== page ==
A senior PSNI roads officer has called for tougher sentences to be handed down for dangerous driving after a 21-year-old man was jailed for 13 months for knocking down and killing a pensioner.
Reacting to Edward Devlin's prison term, Inspector Rosemary Leech said that the victim's wife, Carol Bailie may feel that "justice hasn't been served".
Judges are bound by sentencing guidelines and must take into account mitigating circumstances, such as early guilty pleas, co-operation with police and remorse, as well as aggravating factors, such as intent and excessive violence. However, describing Ian Leonard Bailie's death as "desperately sad," Inspector Leech said that harsher sentences would deter people from driving illegally.
"We have seen other examples of road traffic collisions where the sentences would appear to be somewhat on the lighter side, and where they have been challenged," she said. "But possibly sentences need to be stiffer to dissuade and deter people from driving illegally.
Inspector Leech said sentencing remained a matter for the courts.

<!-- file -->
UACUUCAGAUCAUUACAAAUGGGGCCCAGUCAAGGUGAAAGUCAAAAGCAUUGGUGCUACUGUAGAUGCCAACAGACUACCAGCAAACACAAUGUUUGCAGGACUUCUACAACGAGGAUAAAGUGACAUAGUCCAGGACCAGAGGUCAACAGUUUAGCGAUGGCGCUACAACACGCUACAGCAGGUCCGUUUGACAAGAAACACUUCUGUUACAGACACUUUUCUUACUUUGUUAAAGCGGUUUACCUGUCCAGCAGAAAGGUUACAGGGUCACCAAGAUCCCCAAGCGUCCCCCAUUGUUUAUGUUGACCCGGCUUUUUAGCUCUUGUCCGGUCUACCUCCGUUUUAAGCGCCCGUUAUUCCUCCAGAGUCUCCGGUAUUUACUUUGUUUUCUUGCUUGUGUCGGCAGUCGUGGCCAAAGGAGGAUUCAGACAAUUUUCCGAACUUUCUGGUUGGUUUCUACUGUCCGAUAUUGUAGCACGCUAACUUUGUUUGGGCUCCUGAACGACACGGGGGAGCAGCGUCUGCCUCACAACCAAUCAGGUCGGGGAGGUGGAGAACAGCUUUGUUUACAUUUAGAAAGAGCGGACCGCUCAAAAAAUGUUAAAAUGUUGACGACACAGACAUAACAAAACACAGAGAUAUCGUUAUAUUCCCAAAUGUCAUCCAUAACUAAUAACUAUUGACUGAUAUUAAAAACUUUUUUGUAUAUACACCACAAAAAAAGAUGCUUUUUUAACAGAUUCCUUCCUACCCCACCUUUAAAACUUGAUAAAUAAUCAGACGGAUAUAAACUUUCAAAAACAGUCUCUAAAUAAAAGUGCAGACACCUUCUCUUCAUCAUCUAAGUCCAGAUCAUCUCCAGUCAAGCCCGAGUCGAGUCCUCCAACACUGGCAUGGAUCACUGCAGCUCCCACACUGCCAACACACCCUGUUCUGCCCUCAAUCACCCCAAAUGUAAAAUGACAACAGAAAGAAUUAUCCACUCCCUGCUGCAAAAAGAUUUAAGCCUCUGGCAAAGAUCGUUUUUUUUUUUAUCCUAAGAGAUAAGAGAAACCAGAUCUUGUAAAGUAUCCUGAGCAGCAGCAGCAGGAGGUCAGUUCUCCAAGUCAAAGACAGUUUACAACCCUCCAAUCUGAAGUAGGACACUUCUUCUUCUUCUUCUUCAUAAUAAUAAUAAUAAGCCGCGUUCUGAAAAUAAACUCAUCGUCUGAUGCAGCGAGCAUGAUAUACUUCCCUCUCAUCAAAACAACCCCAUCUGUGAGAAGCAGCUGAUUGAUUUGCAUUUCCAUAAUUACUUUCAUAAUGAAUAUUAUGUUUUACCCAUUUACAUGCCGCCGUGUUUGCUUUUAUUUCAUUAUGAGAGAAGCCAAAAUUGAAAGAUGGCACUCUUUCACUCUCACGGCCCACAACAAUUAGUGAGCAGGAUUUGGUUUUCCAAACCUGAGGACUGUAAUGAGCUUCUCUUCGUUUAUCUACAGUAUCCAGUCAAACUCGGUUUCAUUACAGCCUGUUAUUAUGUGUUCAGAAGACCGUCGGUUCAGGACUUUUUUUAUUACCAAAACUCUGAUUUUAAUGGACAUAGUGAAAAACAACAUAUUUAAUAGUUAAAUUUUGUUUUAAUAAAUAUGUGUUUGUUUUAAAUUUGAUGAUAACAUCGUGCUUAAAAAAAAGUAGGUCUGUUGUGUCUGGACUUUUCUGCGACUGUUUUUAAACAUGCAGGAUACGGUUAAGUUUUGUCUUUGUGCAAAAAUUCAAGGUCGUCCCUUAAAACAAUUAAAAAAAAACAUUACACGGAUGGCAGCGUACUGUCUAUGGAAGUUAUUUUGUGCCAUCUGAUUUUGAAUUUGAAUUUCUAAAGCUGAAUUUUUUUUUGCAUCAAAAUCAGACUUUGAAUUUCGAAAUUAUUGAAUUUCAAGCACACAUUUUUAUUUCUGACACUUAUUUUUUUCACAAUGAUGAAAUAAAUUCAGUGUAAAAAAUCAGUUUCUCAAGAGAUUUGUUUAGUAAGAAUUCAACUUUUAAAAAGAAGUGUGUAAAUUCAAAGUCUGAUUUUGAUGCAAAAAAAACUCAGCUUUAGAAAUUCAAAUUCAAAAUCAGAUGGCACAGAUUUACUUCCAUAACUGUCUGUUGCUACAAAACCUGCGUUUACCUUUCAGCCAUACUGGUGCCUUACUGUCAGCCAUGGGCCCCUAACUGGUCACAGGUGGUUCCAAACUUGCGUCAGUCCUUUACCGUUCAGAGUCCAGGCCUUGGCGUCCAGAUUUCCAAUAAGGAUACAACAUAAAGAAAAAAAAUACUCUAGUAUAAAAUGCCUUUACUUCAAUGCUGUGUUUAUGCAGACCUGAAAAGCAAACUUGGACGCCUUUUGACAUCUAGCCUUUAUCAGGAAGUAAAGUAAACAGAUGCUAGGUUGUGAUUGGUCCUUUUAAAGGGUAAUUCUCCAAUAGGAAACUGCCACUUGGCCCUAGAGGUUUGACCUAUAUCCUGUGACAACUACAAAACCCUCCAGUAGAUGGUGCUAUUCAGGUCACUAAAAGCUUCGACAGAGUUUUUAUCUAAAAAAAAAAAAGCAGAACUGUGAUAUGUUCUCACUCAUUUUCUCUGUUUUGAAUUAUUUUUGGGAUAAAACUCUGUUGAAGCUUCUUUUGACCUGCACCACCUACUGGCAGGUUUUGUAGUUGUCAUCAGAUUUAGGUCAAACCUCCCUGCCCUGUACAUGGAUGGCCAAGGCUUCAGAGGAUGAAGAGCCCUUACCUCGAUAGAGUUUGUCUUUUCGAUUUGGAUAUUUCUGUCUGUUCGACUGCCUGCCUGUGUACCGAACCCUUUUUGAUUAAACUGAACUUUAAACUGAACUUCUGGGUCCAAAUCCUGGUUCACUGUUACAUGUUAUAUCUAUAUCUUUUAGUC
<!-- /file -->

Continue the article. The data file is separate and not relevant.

But she added: "I can understand that maybe Mrs Bailie may feel that justice really hasn't been fully served."
Jack Kushner, spokesperson for Brake, the road safety charity, said the case highlights why driving when distracted can be so deadly.
"Selfishly choosing to use a mobile phone behind the wheel can cause devastating consequences," he said.
"Shockingly lenient sentences like the one handed to Mr Devlin are a further insult to bereaved families. Courts should do everything in their power to deter dangerous driving."
Edward Devlin posted pictures of cars on Facebook months before the incident in October 2014.
He was handed a 27-month sentence - half to be served in custody.